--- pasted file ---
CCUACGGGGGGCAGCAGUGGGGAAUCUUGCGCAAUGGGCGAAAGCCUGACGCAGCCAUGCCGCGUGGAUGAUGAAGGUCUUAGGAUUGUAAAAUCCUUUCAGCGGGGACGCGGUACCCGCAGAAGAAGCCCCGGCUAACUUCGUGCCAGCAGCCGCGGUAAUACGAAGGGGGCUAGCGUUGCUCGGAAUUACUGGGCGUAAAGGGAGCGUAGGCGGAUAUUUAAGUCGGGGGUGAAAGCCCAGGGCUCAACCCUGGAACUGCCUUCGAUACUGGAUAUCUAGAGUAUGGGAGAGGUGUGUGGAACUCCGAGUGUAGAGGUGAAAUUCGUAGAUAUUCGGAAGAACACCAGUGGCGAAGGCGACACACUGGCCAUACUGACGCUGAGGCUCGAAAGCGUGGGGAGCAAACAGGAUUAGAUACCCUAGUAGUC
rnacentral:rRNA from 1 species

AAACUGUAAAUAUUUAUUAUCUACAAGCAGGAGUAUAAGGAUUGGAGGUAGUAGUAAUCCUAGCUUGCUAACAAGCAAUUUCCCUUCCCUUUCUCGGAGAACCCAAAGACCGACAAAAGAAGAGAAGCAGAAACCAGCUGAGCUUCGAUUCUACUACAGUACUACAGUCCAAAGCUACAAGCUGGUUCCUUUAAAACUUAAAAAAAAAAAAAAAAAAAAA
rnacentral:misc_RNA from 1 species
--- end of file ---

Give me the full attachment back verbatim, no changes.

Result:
CCUACGGGGGGCAGCAGUGGGGAAUCUUGCGCAAUGGGCGAAAGCCUGACGCAGCCAUGCCGCGUGGAUGAUGAAGGUCUUAGGAUUGUAAAAUCCUUUCAGCGGGGACGCGGUACCCGCAGAAGAAGCCCCGGCUAACUUCGUGCCAGCAGCCGCGGUAAUACGAAGGGGGCUAGCGUUGCUCGGAAUUACUGGGCGUAAAGGGAGCGUAGGCGGAUAUUUAAGUCGGGGGUGAAAGCCCAGGGCUCAACCCUGGAACUGCCUUCGAUACUGGAUAUCUAGAGUAUGGGAGAGGUGUGUGGAACUCCGAGUGUAGAGGUGAAAUUCGUAGAUAUUCGGAAGAACACCAGUGGCGAAGGCGACACACUGGCCAUACUGACGCUGAGGCUCGAAAGCGUGGGGAGCAAACAGGAUUAGAUACCCUAGUAGUC
rnacentral:rRNA from 1 species

AAACUGUAAAUAUUUAUUAUCUACAAGCAGGAGUAUAAGGAUUGGAGGUAGUAGUAAUCCUAGCUUGCUAACAAGCAAUUUCCCUUCCCUUUCUCGGAGAACCCAAAGACCGACAAAAGAAGAGAAGCAGAAACCAGCUGAGCUUCGAUUCUACUACAGUACUACAGUCCAAAGCUACAAGCUGGUUCCUUUAAAACUUAAAAAAAAAAAAAAAAAAAAA
rnacentral:misc_RNA from 1 species